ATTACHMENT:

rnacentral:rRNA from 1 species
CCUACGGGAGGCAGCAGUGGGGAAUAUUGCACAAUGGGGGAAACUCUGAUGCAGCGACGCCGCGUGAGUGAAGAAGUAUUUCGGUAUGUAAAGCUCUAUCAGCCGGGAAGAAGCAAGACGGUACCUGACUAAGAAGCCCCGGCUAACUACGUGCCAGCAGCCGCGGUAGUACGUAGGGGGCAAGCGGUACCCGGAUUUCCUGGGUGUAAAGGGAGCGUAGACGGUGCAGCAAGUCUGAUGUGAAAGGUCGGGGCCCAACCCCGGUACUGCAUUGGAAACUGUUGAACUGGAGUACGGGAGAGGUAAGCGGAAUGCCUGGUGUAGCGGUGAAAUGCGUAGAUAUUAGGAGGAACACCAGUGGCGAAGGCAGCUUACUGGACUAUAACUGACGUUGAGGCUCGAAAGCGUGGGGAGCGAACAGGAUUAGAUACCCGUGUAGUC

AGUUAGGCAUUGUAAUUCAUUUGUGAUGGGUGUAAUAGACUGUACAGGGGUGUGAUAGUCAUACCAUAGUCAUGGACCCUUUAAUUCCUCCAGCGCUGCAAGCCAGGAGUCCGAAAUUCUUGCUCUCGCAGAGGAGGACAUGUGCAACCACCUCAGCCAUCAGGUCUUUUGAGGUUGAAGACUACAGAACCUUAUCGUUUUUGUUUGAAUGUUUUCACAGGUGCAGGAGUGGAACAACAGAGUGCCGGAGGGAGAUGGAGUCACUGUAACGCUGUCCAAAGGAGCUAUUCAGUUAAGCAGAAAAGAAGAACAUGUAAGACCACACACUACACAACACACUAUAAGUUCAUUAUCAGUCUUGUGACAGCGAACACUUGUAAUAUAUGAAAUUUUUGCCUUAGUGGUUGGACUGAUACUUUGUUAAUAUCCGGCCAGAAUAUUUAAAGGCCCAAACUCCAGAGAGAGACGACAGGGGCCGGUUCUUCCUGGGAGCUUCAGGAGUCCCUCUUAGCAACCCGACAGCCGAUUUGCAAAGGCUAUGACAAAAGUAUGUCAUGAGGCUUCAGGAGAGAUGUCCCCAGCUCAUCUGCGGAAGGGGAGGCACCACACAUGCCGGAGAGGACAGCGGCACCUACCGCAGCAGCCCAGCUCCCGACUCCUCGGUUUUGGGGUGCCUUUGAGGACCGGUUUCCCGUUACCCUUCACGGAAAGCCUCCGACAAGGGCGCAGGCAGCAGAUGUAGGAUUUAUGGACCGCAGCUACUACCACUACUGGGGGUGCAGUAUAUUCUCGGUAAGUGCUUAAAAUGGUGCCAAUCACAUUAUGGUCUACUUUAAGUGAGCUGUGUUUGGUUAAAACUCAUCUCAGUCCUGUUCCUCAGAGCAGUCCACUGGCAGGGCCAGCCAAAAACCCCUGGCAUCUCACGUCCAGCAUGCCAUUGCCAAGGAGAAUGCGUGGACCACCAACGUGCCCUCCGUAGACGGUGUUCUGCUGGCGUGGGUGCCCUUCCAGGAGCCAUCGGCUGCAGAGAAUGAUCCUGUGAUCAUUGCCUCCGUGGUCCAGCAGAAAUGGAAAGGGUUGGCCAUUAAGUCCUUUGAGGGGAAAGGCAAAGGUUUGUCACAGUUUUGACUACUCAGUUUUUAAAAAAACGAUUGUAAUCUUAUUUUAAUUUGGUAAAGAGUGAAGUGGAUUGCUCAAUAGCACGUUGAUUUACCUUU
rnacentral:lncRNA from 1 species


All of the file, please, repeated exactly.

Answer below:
rnacentral:rRNA from 1 species
CCUACGGGAGGCAGCAGUGGGGAAUAUUGCACAAUGGGGGAAACUCUGAUGCAGCGACGCCGCGUGAGUGAAGAAGUAUUUCGGUAUGUAAAGCUCUAUCAGCCGGGAAGAAGCAAGACGGUACCUGACUAAGAAGCCCCGGCUAACUACGUGCCAGCAGCCGCGGUAGUACGUAGGGGGCAAGCGGUACCCGGAUUUCCUGGGUGUAAAGGGAGCGUAGACGGUGCAGCAAGUCUGAUGUGAAAGGUCGGGGCCCAACCCCGGUACUGCAUUGGAAACUGUUGAACUGGAGUACGGGAGAGGUAAGCGGAAUGCCUGGUGUAGCGGUGAAAUGCGUAGAUAUUAGGAGGAACACCAGUGGCGAAGGCAGCUUACUGGACUAUAACUGACGUUGAGGCUCGAAAGCGUGGGGAGCGAACAGGAUUAGAUACCCGUGUAGUC

AGUUAGGCAUUGUAAUUCAUUUGUGAUGGGUGUAAUAGACUGUACAGGGGUGUGAUAGUCAUACCAUAGUCAUGGACCCUUUAAUUCCUCCAGCGCUGCAAGCCAGGAGUCCGAAAUUCUUGCUCUCGCAGAGGAGGACAUGUGCAACCACCUCAGCCAUCAGGUCUUUUGAGGUUGAAGACUACAGAACCUUAUCGUUUUUGUUUGAAUGUUUUCACAGGUGCAGGAGUGGAACAACAGAGUGCCGGAGGGAGAUGGAGUCACUGUAACGCUGUCCAAAGGAGCUAUUCAGUUAAGCAGAAAAGAAGAACAUGUAAGACCACACACUACACAACACACUAUAAGUUCAUUAUCAGUCUUGUGACAGCGAACACUUGUAAUAUAUGAAAUUUUUGCCUUAGUGGUUGGACUGAUACUUUGUUAAUAUCCGGCCAGAAUAUUUAAAGGCCCAAACUCCAGAGAGAGACGACAGGGGCCGGUUCUUCCUGGGAGCUUCAGGAGUCCCUCUUAGCAACCCGACAGCCGAUUUGCAAAGGCUAUGACAAAAGUAUGUCAUGAGGCUUCAGGAGAGAUGUCCCCAGCUCAUCUGCGGAAGGGGAGGCACCACACAUGCCGGAGAGGACAGCGGCACCUACCGCAGCAGCCCAGCUCCCGACUCCUCGGUUUUGGGGUGCCUUUGAGGACCGGUUUCCCGUUACCCUUCACGGAAAGCCUCCGACAAGGGCGCAGGCAGCAGAUGUAGGAUUUAUGGACCGCAGCUACUACCACUACUGGGGGUGCAGUAUAUUCUCGGUAAGUGCUUAAAAUGGUGCCAAUCACAUUAUGGUCUACUUUAAGUGAGCUGUGUUUGGUUAAAACUCAUCUCAGUCCUGUUCCUCAGAGCAGUCCACUGGCAGGGCCAGCCAAAAACCCCUGGCAUCUCACGUCCAGCAUGCCAUUGCCAAGGAGAAUGCGUGGACCACCAACGUGCCCUCCGUAGACGGUGUUCUGCUGGCGUGGGUGCCCUUCCAGGAGCCAUCGGCUGCAGAGAAUGAUCCUGUGAUCAUUGCCUCCGUGGUCCAGCAGAAAUGGAAAGGGUUGGCCAUUAAGUCCUUUGAGGGGAAAGGCAAAGGUUUGUCACAGUUUUGACUACUCAGUUUUUAAAAAAACGAUUGUAAUCUUAUUUUAAUUUGGUAAAGAGUGAAGUGGAUUGCUCAAUAGCACGUUGAUUUACCUUU
rnacentral:lncRNA from 1 species